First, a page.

Will petroleum sales tax burden Sarawakians?

Response to:

Putrajaya still trying to make Sarawak drop petroleum tax, says rep, Malaysian Insight, posted on our blog 14.2.2019

Batu Lintang assemblyman See Chee How’s comment on the 5% sales tax serves no advantage to any party if an overall consensus is not reached.

The impact of the sales tax would make oil and gas products from Sarawak more expensive. When the competitive edge is lost, in the long term this would negatively impact on revenue. It may seem attractive initially but it would hurt the state’s economy. It is not sustainable.

Although both Sarawak and Petronas have their reasons or opinions about the sales tax, it is important for both the parties to work together and arrive at a ‘win-win’ situation. In this context, a stronger relationship could be established between Petronas and Sarawak’s Petros, which has been given executive powers under the State’s Oil Mining Ordinance.

The Oil Mining (Amendment) Bill 2018 passed by the Sarawak State Assembly in July last year, among others, was to update several provisions in the Oil Mining Ordinance (OMO) and to bring the ordinance in line with current practices and operation in upstream sector of the oil and gas (O&G) industry.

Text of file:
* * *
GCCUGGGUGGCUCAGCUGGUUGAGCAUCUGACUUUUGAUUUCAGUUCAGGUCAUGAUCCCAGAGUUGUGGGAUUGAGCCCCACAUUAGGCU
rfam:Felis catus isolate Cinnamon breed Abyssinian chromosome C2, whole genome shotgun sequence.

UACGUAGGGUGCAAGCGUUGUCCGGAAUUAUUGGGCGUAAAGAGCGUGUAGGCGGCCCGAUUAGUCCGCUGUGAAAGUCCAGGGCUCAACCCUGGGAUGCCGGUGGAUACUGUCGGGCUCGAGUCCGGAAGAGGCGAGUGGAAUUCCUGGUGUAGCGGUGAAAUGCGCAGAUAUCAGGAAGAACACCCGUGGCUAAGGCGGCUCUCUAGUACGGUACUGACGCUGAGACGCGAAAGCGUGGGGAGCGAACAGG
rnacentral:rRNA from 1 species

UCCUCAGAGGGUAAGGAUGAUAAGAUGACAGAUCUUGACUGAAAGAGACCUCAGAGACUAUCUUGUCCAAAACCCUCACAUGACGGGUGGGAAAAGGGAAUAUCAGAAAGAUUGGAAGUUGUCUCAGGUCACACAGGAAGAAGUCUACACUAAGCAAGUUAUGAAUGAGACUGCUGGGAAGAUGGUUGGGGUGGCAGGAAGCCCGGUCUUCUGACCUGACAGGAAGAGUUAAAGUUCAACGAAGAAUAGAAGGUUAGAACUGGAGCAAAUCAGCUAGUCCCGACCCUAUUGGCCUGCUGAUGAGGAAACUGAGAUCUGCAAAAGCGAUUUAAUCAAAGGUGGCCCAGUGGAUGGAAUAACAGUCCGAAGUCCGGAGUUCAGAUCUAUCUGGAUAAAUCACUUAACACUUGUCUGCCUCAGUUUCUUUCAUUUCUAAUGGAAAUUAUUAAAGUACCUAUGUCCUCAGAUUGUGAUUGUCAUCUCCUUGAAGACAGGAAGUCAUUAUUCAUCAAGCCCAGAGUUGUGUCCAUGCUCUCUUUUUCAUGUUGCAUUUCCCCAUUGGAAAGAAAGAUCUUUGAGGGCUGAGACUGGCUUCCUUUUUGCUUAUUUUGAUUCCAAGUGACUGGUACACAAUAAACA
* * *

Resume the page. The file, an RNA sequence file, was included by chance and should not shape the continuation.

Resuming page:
Petronas possesses the capabilities, expertise and exposure. Clearly Sarawak’s Petros can benefit immensely from a collaboration with the NOC. Haggling on the 5% sales tax would only serve to create animosity and detrimental to the state.

Apart from developing the upstream oil and gas sector in Sarawak, Petronas and Petros could also be involved in downstream activities such as the development of a medium scale oil refinery in the sate. The propensity for Petros to generate sustainable income then is high.

By: V.P Christian (Ex- Research Institute Director)

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